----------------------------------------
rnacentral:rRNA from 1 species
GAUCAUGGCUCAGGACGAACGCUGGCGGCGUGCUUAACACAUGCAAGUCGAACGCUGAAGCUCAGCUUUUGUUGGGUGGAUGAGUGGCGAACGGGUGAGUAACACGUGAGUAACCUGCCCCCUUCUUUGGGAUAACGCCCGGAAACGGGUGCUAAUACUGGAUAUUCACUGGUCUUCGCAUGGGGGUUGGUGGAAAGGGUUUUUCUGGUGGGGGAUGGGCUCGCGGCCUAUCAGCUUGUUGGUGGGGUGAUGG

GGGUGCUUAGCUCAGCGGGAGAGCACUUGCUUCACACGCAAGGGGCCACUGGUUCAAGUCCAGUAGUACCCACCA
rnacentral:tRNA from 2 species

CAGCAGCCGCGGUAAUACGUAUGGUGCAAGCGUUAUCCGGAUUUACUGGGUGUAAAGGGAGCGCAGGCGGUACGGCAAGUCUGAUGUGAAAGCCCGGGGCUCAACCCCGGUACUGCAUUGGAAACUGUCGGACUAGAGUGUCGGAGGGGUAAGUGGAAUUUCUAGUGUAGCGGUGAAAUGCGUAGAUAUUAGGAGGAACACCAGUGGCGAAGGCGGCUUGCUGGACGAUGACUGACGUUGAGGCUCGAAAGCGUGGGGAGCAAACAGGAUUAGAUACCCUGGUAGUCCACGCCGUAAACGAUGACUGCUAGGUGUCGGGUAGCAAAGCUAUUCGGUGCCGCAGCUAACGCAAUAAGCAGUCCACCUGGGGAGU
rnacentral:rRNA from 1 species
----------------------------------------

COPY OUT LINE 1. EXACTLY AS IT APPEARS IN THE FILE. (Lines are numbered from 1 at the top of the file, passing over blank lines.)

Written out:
rnacentral:rRNA from 1 species